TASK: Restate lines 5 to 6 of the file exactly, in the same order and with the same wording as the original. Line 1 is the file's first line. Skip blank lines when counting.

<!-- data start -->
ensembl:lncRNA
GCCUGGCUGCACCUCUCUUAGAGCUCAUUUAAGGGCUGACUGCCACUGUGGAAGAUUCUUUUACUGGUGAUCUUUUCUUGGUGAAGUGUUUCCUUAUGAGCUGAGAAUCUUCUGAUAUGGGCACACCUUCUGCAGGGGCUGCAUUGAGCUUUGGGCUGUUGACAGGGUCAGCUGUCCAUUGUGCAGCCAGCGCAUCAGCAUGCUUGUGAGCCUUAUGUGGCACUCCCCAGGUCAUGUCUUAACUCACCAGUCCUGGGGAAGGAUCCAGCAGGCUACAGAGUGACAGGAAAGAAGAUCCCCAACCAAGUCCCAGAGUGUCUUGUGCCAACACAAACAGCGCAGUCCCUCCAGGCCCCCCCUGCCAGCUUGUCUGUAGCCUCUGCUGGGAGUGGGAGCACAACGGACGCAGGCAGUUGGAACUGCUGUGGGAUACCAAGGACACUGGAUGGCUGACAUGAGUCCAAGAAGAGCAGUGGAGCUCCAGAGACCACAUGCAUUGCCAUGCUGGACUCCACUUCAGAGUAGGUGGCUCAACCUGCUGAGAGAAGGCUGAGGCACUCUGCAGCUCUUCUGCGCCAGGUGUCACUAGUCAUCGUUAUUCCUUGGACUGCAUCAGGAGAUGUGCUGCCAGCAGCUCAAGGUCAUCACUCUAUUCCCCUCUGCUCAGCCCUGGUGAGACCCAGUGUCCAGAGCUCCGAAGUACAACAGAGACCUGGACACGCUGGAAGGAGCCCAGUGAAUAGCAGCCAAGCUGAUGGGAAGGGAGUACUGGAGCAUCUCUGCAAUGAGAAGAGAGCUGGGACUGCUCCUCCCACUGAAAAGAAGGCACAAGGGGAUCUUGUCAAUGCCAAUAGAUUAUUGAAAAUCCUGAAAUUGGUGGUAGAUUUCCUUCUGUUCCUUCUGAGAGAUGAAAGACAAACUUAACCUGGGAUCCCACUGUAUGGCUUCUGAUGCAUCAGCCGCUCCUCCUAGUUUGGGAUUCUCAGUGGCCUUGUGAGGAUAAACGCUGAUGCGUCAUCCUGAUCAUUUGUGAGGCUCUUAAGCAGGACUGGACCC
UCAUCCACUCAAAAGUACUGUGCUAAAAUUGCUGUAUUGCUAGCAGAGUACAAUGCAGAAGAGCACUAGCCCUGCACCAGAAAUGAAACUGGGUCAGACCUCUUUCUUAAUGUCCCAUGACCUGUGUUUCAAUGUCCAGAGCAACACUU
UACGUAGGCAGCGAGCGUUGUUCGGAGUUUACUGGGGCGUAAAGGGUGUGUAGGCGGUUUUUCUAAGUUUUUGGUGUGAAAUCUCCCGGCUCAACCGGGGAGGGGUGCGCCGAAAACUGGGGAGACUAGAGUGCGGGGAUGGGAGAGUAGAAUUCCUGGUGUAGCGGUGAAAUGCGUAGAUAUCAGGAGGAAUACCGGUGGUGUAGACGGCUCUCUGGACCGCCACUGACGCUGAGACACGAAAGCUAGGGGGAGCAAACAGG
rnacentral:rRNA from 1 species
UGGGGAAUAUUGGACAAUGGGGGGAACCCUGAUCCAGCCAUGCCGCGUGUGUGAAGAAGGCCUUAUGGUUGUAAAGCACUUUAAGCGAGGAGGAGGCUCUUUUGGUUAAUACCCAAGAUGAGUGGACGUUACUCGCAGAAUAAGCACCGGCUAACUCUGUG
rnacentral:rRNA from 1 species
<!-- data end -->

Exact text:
rnacentral:rRNA from 1 species
UGGGGAAUAUUGGACAAUGGGGGGAACCCUGAUCCAGCCAUGCCGCGUGUGUGAAGAAGGCCUUAUGGUUGUAAAGCACUUUAAGCGAGGAGGAGGCUCUUUUGGUUAAUACCCAAGAUGAGUGGACGUUACUCGCAGAAUAAGCACCGGCUAACUCUGUG